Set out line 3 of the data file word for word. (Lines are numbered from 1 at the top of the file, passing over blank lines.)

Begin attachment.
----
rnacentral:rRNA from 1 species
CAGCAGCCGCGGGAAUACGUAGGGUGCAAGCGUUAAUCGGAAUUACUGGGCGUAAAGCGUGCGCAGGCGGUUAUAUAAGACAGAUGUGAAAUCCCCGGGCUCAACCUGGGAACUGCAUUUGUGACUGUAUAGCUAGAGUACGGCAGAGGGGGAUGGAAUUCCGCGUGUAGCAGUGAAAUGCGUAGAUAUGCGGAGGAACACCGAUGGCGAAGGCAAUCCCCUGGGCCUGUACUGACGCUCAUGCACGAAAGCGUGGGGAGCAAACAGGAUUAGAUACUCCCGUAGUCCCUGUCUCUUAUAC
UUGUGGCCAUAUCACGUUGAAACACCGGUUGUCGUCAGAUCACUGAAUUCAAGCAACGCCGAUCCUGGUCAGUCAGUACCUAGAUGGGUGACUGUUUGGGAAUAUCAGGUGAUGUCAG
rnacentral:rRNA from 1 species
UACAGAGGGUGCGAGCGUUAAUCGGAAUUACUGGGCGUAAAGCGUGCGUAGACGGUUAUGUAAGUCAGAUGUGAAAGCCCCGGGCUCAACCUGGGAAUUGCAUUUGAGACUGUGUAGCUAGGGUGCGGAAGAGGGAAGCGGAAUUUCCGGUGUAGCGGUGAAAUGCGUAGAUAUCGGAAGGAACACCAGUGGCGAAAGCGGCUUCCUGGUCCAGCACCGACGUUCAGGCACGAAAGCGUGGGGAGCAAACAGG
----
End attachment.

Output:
UUGUGGCCAUAUCACGUUGAAACACCGGUUGUCGUCAGAUCACUGAAUUCAAGCAACGCCGAUCCUGGUCAGUCAGUACCUAGAUGGGUGACUGUUUGGGAAUAUCAGGUGAUGUCAG